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"The fact is that it is both expensive and time-consuming to build a prototype—which underscores the importance of a design system such as ours, which produces a final design without the need for building multiple physical iterations," says Bernhard Thomaszewski. (Credit: Carnegie Mellon University)

3D printing

Tool lets beginners design and print walking robots

A new tool makes it possible for people—even novices—can design and build a customized walking robot using a 3D printer and off-the-shelf servo motors.

The user can specify the shape, size, and number of legs for the robotic creature, using intuitive editing tools to interactively explore design alternatives.

The system also ensures that the resulting design is capable of moving as desired and not falling down—it even lets the user alter the creature’s gait.

“Progress in rapid manufacturing technology is making it easier and easier to build customized robots, but designing a functioning robot remains a difficult challenge that requires an experienced engineer,” says Markus Gross, vice president of research for Disney Research.

“Our new design system can bridge this gap and should be of great interest to technology enthusiasts and the maker community at large.”

“We aim to reinvent the way in which personal robotic devices are designed, fabricated, and customized according to the individual needs and preferences of their users,” says Stelian Coros, a former Disney research scientist who is now an assistant professor of robotics at Carnegie Mellon University.

The research team presented the system at SIGGRAPH Asia 2015, the ACM Conference on Computer Graphics and Interactive Techniques, in Kobe, Japan.

“Our ambition is to make the design of compelling robotic creatures as accessible and intuitive as possible,” says Bernhard Thomaszewski, a research scientist at Disney Research. “Our tool allows the user to design the structure and motion of a robot while receiving immediate feedback on its expected real-world behavior.”

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At left, the digital design for a robotic creature, and the physical prototype produced via 3D printing on the right. (Credit: Carnegie Mellon University)

The design interface features two viewports: one that enables editing of the robot’s structure and motion and a second that displays how those changes would likely alter the robot’s behavior.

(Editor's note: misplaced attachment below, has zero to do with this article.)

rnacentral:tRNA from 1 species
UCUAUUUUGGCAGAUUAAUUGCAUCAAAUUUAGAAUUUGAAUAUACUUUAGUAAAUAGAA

The user can load an initial, skeletal description of the robot and the system creates an initial geometry and places a motor at each joint position. The user can then edit the robot’s structure, adding or removing motors, or adjusting their position and orientation.

The system takes over much of the non-intuitive and tedious task of planning the motion of the robot. The user nonetheless is able to adjust the robot’s footfall pattern and stylistic elements of its motion.

[Heat makes 3D-printed box fold itself up]

The researchers have developed an efficient optimization method that uses an approximate dynamics model to generate stable walking motions for robots with varying numbers of legs. In contrast to conventional methods that can require several minutes of computation time to generate motions, the process takes just a few seconds, enhancing the interactive nature of the design tool.

Once the design process is complete, the system automatically generates 3D geometry for all body parts, including connectors for the motors, which can then be sent to a 3D printer for fabrication.

The researchers designed and built two four-legged robots using the design system and found that the overall motions of the prototypes were consistent with the behaviors predicted by their simulation.

“It took us minutes to design these creatures, but hours to assemble them and days to produce parts on 3D printers,” Thomaszewski says. “The fact is that it is both expensive and time-consuming to build a prototype—which underscores the importance of a design system such as ours, which produces a final design without the need for building multiple physical iterations.”

The research team also included Vittorio Megaro and Otmar Hilliges of ETH Zurich and Maurizio Nitti of Disney Research.

Source: Carnegie Mellon University

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